Bernd Ihno Eilts: How do you compose for “TaxiWars”?
Robin Verheyen: I write a lot of tunes with the piano but I also write on the Fender Rhodes. For the first album I wrote songs just before rehearsing, like in the middle of the night, even while traveling by plane. Airplanes actually are a good place to write music (laughing). After such a situation in a plane we had a rehearsal the next day and we tried all and Tom said: Okay, let’s do it. There are a lot of different ways to write for this band for me. I always think first about the musicians of the band, what makes them sound good and their particular qualities on their instruments and how they play. I think, for any composer it is important to be aware of them. I just finished a project on music from Bach, The Musical Offering (Das Musikalische Opfer). The premiere will happen next week. After this concert at Eurosonic I’m traveling to Belgium and we will start rehearsing (laughing).
Bernd Ihno Eilts: I hope, you will not mix all the sounds!
Robin Verheyen: Exactly (laughing)! Like that I really was also thinking about playing with a prepared piano and Bach has a very specific universe and things he did. I really try to think of how I can make him sound good and how I can bring the music to this quality. From the first moment on, when they proposed this project to me to do, I knew, I would love to do something with this music very much, but it took a while to figure out, who the musicians were that I wanted for that project. I wanted to do something unique, not just to sound like a bunch of sounds related to Bach. I think, even a lot of classical composers today are much more aware of that. They talk to people in ensembles when they write chamber music and really talk to the musicians personally. All the great composers, like Shostakovich, he composed this really famous cello concerto and he wrote it for Rostropovich. I know, they both had many many conversations about how to do specific things with the cello, “is this too difficult” or “how can we go into it”. And I’m sure he was thinking of Rostropovich‘s sounds. I think it’s really important for a composer, just to be aware of that. Who is going to play the piece. It is a specific thing when you write. I had the case some years ago, when I wrote my first big scale classical work. I was supposed to have a classical singer, her name is Claron McFadden but I couldn’t do it. Then I had to find somebody else. It was not easy and I’m very happy with Katrien Baerts, she is a great singer and she lives in Amsterdam. It was a great job with her, but there were one or two songs in it, which was clear, it wasn’t written for her. You know Claren McFadden? She is an american singer based in Amsterdam and she’s in Europe definitely one of the top ten, like opera singers. She is very flexible and she also has a really good knowledge of the blues. So, there were things in my work, that were really specifically with that blues background in mind, of course, when you give it to a completely classical singer, that part gets all. But then I had to re-work on it a little bit and it was fine. But it is very strong, writing for somebody.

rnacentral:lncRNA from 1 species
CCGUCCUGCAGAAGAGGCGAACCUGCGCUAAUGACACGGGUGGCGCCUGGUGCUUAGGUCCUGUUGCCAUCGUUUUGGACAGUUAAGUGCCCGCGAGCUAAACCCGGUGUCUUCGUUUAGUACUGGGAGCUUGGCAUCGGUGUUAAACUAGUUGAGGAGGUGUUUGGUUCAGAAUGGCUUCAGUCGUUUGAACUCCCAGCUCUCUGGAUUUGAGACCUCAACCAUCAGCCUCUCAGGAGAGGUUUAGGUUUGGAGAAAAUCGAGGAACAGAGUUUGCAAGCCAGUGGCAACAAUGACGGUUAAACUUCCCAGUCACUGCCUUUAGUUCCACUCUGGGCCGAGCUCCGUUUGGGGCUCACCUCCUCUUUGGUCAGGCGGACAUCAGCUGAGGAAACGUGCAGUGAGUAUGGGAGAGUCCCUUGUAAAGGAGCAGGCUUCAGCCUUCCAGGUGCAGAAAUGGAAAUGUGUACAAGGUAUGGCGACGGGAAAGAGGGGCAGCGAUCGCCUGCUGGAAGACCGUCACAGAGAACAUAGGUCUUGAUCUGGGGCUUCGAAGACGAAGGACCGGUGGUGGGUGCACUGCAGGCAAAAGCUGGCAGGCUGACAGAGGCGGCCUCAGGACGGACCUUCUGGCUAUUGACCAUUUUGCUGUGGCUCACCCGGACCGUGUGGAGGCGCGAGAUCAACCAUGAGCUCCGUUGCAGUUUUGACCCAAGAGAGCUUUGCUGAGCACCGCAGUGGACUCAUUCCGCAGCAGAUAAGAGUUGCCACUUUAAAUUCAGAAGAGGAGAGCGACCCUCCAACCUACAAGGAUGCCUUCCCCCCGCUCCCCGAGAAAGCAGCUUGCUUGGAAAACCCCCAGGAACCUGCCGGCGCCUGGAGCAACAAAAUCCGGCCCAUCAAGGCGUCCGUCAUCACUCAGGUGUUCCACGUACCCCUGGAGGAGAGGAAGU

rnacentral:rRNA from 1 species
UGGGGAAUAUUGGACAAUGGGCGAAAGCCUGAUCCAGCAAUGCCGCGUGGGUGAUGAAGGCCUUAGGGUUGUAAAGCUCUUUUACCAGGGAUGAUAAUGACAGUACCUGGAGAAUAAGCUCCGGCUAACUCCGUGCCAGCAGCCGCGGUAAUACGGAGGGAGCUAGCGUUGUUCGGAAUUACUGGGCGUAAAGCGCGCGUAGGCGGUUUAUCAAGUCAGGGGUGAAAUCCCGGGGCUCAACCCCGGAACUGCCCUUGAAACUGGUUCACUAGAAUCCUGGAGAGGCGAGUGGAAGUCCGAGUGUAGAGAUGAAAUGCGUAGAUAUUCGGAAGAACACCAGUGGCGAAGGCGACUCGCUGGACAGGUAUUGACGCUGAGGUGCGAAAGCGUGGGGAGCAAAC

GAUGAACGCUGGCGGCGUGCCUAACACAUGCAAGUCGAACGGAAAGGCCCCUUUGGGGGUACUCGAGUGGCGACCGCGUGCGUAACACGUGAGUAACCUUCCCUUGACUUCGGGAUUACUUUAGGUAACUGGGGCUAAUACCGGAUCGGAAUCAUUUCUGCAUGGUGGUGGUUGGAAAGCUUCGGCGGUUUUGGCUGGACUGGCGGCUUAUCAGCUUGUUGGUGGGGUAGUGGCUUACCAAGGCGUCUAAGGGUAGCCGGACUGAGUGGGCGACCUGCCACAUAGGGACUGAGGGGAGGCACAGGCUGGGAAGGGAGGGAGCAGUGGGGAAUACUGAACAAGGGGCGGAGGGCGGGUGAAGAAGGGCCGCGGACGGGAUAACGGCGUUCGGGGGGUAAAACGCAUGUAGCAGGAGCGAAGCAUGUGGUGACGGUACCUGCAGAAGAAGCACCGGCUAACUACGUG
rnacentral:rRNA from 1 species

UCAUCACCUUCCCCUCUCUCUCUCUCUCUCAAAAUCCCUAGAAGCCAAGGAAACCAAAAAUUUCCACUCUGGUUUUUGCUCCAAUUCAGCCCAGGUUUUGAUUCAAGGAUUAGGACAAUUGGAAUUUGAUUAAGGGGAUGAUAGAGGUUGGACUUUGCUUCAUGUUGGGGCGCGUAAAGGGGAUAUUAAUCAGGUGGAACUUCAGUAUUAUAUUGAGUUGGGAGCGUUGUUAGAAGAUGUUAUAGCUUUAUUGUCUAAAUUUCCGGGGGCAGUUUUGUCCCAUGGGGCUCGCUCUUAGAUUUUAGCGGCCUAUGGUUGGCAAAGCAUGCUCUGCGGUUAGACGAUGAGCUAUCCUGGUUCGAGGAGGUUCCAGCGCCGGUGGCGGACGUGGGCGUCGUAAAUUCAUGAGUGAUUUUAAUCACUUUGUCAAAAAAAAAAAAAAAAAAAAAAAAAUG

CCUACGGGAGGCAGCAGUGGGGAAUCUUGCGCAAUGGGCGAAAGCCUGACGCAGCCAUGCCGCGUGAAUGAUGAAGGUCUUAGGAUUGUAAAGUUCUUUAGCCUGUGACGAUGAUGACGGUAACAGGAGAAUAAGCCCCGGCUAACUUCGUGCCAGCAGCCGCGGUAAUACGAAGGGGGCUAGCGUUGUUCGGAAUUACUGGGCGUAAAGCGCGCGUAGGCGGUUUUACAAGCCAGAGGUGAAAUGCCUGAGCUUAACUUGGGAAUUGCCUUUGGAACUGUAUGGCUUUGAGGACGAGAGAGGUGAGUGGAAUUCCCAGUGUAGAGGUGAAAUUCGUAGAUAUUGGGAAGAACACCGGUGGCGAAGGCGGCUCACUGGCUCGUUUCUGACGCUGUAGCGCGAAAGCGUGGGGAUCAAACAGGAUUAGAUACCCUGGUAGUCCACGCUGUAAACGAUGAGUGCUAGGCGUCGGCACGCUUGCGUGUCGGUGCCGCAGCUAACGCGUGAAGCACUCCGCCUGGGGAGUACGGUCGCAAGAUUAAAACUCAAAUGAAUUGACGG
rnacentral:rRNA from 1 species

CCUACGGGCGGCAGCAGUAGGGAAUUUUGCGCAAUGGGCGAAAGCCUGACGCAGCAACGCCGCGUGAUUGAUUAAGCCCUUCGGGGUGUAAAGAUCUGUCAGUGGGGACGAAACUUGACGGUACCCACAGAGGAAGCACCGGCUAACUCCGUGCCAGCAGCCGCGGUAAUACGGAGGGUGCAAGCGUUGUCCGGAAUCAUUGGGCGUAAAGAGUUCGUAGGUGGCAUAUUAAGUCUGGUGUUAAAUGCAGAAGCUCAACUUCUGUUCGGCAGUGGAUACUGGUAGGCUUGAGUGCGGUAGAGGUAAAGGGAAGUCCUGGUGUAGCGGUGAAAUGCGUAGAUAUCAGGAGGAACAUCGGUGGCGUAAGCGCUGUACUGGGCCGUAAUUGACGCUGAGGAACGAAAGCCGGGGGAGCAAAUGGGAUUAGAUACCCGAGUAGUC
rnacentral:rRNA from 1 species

We had a few instances in this band “TaxiWars”, for one gig we had to replace the drummer or the bass player, because of some schedule conflicts. It’s not easy, it’s never easy, especially when you have played more than 150 gigs together. Then when someone new comes in and just has to be in there, it’s an almost impossible act. And all becomes very different. Which of course we can accept. In such a situation it becomes a different gig, a different vibe and it’s always very complex and hard. In a pure jazz context it’s a little easier to do that together. Then we just play the music different that gig. But in general, you can’t change music too much. It’s a different approach.